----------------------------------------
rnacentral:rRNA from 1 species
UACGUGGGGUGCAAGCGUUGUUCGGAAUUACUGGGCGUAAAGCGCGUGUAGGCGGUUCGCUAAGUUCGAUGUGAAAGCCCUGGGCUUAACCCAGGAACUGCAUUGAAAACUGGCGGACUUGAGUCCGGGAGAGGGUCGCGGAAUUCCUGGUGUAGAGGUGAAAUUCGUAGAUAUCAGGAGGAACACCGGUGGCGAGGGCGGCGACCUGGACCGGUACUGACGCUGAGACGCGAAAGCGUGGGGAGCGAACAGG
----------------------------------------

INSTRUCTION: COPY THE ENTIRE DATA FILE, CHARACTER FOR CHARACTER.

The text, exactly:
rnacentral:rRNA from 1 species
UACGUGGGGUGCAAGCGUUGUUCGGAAUUACUGGGCGUAAAGCGCGUGUAGGCGGUUCGCUAAGUUCGAUGUGAAAGCCCUGGGCUUAACCCAGGAACUGCAUUGAAAACUGGCGGACUUGAGUCCGGGAGAGGGUCGCGGAAUUCCUGGUGUAGAGGUGAAAUUCGUAGAUAUCAGGAGGAACACCGGUGGCGAGGGCGGCGACCUGGACCGGUACUGACGCUGAGACGCGAAAGCGUGGGGAGCGAACAGG